Different paths to success for Kelly, Robinson
By TYLER CLIFTON email@example.com
June 22, 2012 at 10 p.m.
Kiley Kelly and Stephanie Robinson do have a lot of maroon in their respective wardrobes and each have a young daughter they hope can one day be as successful as they are, but there are plenty of differences between the two when it comes to how they got into their current situations.
Kelly was born and raised in Hillsboro, where she played basketball and softball for Hillsboro High School before playing softball at LeTourneau University and graduating from UT Tyler. She feels more fortunate than most after securing a head coaching job right out of school at Union Grove.
There was one season with the Lady Lions, but the one-hour drive to and from work was too much to bear, and the Waskom position came open where Kelly has been ever since. She gives credit to the signing of Title IX in 1972 to helping her realize her dream.
"Union Grove was an awesome opportunity for me, because it gave me a chance to be a head coach right out of college," Kelly said. "I've had nothing but tremendous support from the Waskom administration, and we have more fans at our softball games than we did when I was in college."
Kelly points to Title IX for allowing her to do something she most likely wouldn't have been doing during a time her mother Cathy Justus was growing up, a time women were treated as inferior to men.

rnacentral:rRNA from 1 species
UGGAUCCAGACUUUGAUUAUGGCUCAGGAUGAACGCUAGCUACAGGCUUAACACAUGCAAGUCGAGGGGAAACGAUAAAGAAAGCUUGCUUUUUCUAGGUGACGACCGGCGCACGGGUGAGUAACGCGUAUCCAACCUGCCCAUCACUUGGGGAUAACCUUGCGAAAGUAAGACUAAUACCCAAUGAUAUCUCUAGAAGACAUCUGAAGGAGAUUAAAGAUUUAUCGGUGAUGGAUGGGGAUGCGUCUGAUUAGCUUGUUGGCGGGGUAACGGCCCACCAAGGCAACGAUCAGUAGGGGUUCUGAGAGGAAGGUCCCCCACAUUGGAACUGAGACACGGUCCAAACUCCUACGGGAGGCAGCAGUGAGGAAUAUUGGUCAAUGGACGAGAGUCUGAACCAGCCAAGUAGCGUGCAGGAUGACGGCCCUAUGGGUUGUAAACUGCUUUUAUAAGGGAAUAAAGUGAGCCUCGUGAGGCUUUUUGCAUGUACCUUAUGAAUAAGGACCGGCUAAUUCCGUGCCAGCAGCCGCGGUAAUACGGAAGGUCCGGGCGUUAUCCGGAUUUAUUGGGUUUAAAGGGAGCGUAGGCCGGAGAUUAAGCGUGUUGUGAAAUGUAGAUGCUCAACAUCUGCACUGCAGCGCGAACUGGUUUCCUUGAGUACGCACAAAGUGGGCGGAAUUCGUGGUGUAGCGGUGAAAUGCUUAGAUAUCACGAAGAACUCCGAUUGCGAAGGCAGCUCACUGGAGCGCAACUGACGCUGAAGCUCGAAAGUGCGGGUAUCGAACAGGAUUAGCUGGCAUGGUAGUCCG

Those such as Justus helped pave the way for her daughter and other women of today by nurturing them in a manner which leads them to be positive, productive members of society.
"The way I was brought up allowed me to choose a career I enjoyed doing, and although I never wanted to stop playing, realizing my dream of coaching is the best alternative," Kelly said. "I love seeing my girls be successful on the field and in life, and now I prefer coaching over playing."
The women before her aren't forgotten, as their valiant efforts the last 40 years are only the beginning.
Kelly hopes to pass the torch and use the positive lessons she received from her mother.
"My mother is a very strong person who I couldn't have any more respect for, because she's been through a lot and taught me a great deal," Kelly said. "She's now one of my best friends as well as my mother, and Melinda Bowden (Waskom volleyball coach) is someone I also admire a lot, because we have so much in common, and I respect her aggressiveness and boldness when it comes to coaching."
Kelly missed a big part of the 2012 season while giving birth, and being a mother gives any woman an even larger perspective of life and what it's all about. Her daughter will one day realize efforts made 40 years before she was even born will allow her and future generations of women to reach for the stars.
"Title IX has allowed us to come so far, so fast," Kelly said. "Situations for women will probably be improved by leaps and bounds by the time my daughter's a teenager, and it's all right to dream."
HERE'S TO YOU MRS. ROBINSON
Robinson is not only Jefferson's softball coach but led the Lady Bulldog volleyball team to its first playoff match in school history last November.
The 2003 Hallsville graduate then known as Stephanie Beason began playing softball in the fifth grade and lettered in volleyball and softball for the Ladycats before playing two years each of softball at Bossier Parish and Southern Arkansas University.